Thanks, Judy, for your helpful comments.  Yes, but this is the key issue -- did the Gospel of Thomas begin as "a setting of sayings which grew over time", in a kind of evolutionary model?  My argument is that the diagnostic shards found in the parallel sayings in Thomas are sufficient to place a question mark against that kind of evolutionary model.  As you know, I think that one of the difficulties with studies of the Gospel of Thomas is that they tend to think in a kind of bottom-up form-critical way, beginning with primitive traditions and seeing development and accretion until we get to the unique materials.  I argue that a redaction-critical approach can look at the unique material and see how far that might help in understanding the selection of the Synoptic parallels.  But that, of course, is why the issue of Matthean and Lucan redaction in Thomas is so important, and it sounds like we disagree on that one.  Thanks again for engaging.  Cheers, Mark

           

          --
          Mark Goodacre           
          Duke University
          Department of Religion
          Gray Building / Box 90964
          Durham, NC 27708-0964    USA
          Phone: 919-660-3503        Fax: 919-660-3530

          http://www.markgoodacre.org

        • Stephen Carlson
          ... I thought that was basically the intent behind Goodacre s use of the term knowledge of rather than literarily dependent upon. I realize that Tony
          Message 4 of 26 , Mar 27, 2013
            On Wed, Mar 27, 2013 at 11:25 AM, Judy Redman <jredman2@...> wrote:

            One issue I have with redactional models is that they imply that a later author takes someone else’s work and makes deliberate, calculated decisions to change it to fit the later author’s particular theological perspective.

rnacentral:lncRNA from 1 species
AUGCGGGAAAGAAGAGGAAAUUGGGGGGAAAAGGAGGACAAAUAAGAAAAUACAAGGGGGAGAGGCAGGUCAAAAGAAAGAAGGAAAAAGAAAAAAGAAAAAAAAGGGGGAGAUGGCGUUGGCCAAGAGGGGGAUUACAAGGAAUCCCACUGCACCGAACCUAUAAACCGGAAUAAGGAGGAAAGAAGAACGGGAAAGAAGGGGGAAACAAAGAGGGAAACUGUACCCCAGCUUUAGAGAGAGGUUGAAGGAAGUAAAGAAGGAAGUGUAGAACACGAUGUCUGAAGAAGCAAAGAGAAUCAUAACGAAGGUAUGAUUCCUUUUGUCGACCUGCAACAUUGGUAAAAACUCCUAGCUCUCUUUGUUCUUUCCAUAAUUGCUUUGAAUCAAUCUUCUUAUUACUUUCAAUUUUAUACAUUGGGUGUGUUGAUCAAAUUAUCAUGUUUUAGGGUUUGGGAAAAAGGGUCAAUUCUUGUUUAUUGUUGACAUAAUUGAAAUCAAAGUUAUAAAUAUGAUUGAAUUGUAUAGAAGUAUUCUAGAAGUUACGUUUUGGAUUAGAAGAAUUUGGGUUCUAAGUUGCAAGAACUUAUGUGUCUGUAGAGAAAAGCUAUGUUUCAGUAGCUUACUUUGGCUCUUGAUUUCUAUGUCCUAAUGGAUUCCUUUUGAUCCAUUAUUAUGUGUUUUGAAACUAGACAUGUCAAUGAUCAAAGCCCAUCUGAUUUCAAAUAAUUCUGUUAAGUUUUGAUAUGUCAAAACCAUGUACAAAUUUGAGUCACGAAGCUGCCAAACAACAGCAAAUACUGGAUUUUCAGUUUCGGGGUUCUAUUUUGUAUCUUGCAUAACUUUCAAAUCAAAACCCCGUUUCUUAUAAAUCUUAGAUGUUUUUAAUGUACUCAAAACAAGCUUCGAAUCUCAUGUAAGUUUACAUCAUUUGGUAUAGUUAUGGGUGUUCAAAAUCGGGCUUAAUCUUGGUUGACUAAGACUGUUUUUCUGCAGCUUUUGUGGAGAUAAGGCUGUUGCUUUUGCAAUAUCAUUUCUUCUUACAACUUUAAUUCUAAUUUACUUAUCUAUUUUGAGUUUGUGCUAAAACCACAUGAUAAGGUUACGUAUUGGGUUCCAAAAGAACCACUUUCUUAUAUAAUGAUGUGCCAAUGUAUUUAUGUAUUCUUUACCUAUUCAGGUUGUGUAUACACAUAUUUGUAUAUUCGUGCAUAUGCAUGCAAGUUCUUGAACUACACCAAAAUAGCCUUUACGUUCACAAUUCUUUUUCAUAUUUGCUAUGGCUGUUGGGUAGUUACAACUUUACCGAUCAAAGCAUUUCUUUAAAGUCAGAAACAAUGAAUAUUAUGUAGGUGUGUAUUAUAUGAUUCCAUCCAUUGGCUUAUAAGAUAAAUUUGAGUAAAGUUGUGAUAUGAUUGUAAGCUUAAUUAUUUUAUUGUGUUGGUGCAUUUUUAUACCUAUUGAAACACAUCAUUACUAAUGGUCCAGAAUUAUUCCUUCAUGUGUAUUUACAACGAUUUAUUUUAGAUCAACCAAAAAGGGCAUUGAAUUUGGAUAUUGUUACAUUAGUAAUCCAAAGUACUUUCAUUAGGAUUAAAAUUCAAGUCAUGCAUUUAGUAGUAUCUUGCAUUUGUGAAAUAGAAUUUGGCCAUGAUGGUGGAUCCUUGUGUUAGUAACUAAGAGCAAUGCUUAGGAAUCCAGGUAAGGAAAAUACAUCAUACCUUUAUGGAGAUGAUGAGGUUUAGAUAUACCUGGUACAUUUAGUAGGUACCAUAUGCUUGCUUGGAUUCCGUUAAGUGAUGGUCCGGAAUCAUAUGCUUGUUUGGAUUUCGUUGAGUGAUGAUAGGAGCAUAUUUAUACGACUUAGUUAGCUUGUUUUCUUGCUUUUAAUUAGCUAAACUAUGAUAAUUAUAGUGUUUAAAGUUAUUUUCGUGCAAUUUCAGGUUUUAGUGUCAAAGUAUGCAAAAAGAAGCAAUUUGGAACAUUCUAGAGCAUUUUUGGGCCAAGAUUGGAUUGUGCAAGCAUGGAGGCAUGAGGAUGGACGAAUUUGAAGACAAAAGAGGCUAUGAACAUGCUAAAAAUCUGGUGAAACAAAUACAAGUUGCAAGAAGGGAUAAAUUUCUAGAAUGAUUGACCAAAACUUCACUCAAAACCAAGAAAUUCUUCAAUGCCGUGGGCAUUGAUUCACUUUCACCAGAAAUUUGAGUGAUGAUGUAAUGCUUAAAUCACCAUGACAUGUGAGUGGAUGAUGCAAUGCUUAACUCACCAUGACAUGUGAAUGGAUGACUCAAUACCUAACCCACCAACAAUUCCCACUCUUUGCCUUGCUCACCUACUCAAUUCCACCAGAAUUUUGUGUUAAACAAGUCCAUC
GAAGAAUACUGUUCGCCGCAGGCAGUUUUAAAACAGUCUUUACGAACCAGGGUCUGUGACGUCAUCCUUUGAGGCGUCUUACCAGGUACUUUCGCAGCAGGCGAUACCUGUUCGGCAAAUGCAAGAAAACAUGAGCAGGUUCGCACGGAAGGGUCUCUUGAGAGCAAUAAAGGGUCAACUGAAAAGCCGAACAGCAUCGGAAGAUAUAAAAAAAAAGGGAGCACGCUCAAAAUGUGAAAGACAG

I thought that was basically the intent behind Goodacre's use of the term "knowledge of" rather than "literarily dependent upon."  I realize that Tony Burke's review basically conflates the two concepts, but I think it should be underscored that Mark's approach is more nuanced than that.
             
            Stephen
            --
            Stephen C. Carlson, Ph.D. (Duke)
            Post-Doctoral Fellow, Theology, Uppsala
          • JamesFrankMcGrath
            Tom, Hopefully the image used can show what is wrong with this reasoning, and why fewer and fewer scholars adopt the stance if they have kept up to date on the
            Message 5 of 26 , Mar 27, 2013
              Tom,

              Hopefully the image used can show what is wrong with this reasoning, and why fewer and fewer scholars adopt the stance if they have kept up to date on the study of orality and memory. "Photographic" memory is the ability to recall what was seen or read. But the more one is dealing with an oral society, the more on has to talk about memory functioning in the absence of a written text which makes words available pictorially.